The gathering was split into two groups, the Zhong soldiers on the left, all polished armor and rigid posture, and the Ghangerai mercenaries on the right with their curved sabers and wild hair. Chen found himself wondering once more why he was still there. Surely there was no hope of wresting the sword from so many men at once? He didn’t know what Senesio was cooking up, but if it used the same ingredients as his normal recipes it would involve more than a fair bit of blood. And it was looking likely most of it would be their own.

In the courtyard, the leaders of each group stood before their men. The warrior at the front of the Ghangerai was a big bastard. All muscle and hair and deeply tanned skin. A long, braided beard ran down the front of his chest and most of the way past his stomach. Looked half beast, he did. But then again, so did all of the Ghangerai. Smelled more than half beast, too.

Across from the steppe nomads, however, stood the true man to be feared. General Ming himself. Black hair pulled back in a tight bun, arms folded behind his back, and a cold stare in his eyes. Chen couldn’t help but swallow hard at the sight. During his time as an imperial scribe at court he’d had the distinct privilege of reading more than a few field reports from the man. Generals reported on many occurrences in the districts under their jurisdiction. Crop growth for each season, taxes levied and collected, occasionally the attitude of the citizens if discontent was brewing. General Ming reported on all of these, but it was obvious he cared little for them. No, there was only one section of the reports the general took obvious pleasure in: crime and punishment. 

There was undoubtedly bound to be some lawlessness in a border district such as his, but if ever a man had taken greater pleasure in stomping such things out, Chen hadn’t heard of him. It was law that a man’s punishment should match the severity of his crime. General Ming, as it happened, had a rather bloody interpretation of that law. Criminals in his district didn’t last much longer than it took for the executioner’s blade to sever their heads.

“Are you sure we really need this sword?” Chen whispered from where they watched in the shadows. “Ming’s not a man we want to know our names.”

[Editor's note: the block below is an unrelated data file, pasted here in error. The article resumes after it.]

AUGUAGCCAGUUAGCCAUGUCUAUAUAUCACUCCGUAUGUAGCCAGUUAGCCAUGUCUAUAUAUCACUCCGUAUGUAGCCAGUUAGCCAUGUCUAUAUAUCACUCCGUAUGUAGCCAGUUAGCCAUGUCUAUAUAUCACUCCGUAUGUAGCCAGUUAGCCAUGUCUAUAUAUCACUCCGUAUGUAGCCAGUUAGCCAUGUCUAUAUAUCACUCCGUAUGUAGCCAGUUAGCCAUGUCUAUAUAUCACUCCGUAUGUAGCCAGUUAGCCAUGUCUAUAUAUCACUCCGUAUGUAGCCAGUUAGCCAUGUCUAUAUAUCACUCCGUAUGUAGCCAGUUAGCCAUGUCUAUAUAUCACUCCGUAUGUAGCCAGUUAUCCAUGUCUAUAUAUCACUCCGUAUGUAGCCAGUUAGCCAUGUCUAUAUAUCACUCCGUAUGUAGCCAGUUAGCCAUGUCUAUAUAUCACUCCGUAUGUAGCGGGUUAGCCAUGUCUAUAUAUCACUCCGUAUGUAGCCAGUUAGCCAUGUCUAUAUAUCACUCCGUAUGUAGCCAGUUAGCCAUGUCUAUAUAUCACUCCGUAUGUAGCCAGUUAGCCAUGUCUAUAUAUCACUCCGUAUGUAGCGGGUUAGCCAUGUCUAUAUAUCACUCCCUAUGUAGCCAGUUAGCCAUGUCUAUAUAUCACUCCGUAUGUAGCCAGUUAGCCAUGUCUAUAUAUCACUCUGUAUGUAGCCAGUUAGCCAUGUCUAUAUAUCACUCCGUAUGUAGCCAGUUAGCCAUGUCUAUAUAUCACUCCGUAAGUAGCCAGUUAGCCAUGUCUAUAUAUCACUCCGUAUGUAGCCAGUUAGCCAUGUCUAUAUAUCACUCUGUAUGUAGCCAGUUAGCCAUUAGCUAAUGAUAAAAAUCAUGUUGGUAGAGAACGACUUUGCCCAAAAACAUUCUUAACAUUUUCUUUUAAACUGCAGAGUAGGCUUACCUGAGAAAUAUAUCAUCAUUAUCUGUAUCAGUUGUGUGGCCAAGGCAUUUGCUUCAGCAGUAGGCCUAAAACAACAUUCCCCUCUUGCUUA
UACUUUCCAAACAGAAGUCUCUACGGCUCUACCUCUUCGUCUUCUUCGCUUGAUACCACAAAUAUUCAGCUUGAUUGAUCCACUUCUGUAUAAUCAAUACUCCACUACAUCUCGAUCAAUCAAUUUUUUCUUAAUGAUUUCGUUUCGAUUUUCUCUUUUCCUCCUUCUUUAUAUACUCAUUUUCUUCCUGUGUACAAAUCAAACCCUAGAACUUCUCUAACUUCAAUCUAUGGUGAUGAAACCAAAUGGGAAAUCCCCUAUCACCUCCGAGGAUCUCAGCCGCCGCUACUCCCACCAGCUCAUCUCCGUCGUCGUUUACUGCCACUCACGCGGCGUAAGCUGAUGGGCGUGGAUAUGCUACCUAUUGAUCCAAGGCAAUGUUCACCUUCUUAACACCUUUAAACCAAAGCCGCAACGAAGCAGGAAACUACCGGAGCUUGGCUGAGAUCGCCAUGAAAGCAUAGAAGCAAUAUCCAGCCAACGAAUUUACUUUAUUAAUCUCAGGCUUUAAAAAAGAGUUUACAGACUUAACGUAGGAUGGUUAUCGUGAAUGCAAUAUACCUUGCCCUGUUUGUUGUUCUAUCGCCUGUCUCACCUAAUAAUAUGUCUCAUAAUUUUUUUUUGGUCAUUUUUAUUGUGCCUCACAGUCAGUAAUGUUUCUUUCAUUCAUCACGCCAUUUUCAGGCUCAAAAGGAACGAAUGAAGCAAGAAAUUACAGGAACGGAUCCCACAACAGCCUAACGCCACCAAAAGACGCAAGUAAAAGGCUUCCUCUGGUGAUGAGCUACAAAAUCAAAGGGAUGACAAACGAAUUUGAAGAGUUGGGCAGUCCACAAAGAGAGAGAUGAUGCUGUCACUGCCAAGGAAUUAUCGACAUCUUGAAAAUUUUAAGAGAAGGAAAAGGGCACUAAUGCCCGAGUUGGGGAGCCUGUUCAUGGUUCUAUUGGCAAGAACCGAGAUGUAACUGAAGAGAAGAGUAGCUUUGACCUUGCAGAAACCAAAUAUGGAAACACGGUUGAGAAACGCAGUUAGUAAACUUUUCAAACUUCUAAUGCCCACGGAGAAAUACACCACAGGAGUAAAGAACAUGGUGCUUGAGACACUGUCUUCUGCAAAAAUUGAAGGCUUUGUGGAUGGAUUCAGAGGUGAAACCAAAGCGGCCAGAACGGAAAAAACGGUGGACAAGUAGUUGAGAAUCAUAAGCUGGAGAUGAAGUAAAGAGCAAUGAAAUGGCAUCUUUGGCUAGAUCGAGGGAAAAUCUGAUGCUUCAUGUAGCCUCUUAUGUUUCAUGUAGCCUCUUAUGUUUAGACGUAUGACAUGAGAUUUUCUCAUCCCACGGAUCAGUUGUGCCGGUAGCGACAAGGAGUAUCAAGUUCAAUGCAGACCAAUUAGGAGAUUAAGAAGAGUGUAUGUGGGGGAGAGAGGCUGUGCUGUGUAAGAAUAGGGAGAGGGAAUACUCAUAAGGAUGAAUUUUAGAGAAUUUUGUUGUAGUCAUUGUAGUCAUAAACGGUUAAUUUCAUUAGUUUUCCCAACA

“I’ll refrain from introducing myself, then.”

Senesio was many things, but humble and subtle were not among them. A fonder man of grand entrances Chen had yet to meet.

“You sure about that?

“Almost certainly.”

Chen opened his mouth for a retort when Ming cut him off.

“Shall we get on with it, then?”

The long bearded Ghangerai leader grunted to his men, and several shifted into movement. An object was passed through their ranks, hand to hand, until it reached Long Beard himself. A sheathed sword, Chen saw. But not just any sword, this was the sword. The one they’d come here for. From where they were hiding, it looked like just any other sword. But this was the sword of legend, it had to be.

Long Beard held the sword before him and spoke with gruff, broken words.

“The tribes of the long north call this blade It-that-Kills.”

“Forgive me if the creativity of the northern barbarians fails to impress me,” General Ming said, half laughing. “All swords kill. What makes this one so special?”

“No.” Long Beard said, sharp and quick. “All swords kill, but not all swords kill all. This one does.”

General Ming shook his head.

“Superstition and myth. It’s your peoples’ belief in these fantasies that makes you weak. This sword is nothing but a relic of times long past.”

Now it was Long Beard’s turn to laugh.

“A relic, maybe. But a relic you want badly enough to pay for. Where’s your gold?”

The general gestured to his men and a small chest was brought forward. Two soldiers placed it on the ground and one began to fiddle at the lock keeping it closed.

“Looks like we’re too late,” Chen said, tugging at the shoulder of Senesio’s robe. “Best we sneak off now and get a head start before these two finish up.” Or whoever was fighting out front makes it inside. Senesio, however, wasn’t listening. His eyes were fixed on the sheathed sword in Long Beard’s hands. Chen grimaced. He knew his employer. Knew him all too well. And consequently, he knew exactly when he was about to do something stupid.

“Think about this, now, Senesio,” he hissed, tugging more sharply on the madman’s shoulder. “It’s twenty to one. You can’t take those odds.”

“No, probably not.”

The relief swept through Chen like a flood dousing a wildfire. His employer was finally seeing reason. Maybe they weren’t going to end up dead after all.

“Ten to one seems much more doable though, wouldn’t you say?”

And with that he jumped to his feet and strode into the courtyard. At first, no one noticed him, too distracted as Ming’s men opened the chest to reveal a sizable fortune in gold. Enough to purchase a small kingdom, almost. Ming gestured down at the open chest.

“The sum you requested and then some. Call it goodwill, and the hope we can work together again in the future.”

Long Beard smiled and stepped forward to hand over the sword.

“Before we go any further, gentlemen, allow me to counter the honorable general’s offer.”

Chen tried and failed to melt into the stones behind him as every head in the courtyard turned their direction. Senesio, on the other hand, seemed to bloom under the attention. He stood just a little straighter and smiled all the wider.

“I should like to offer you the same sum in gold as the general.”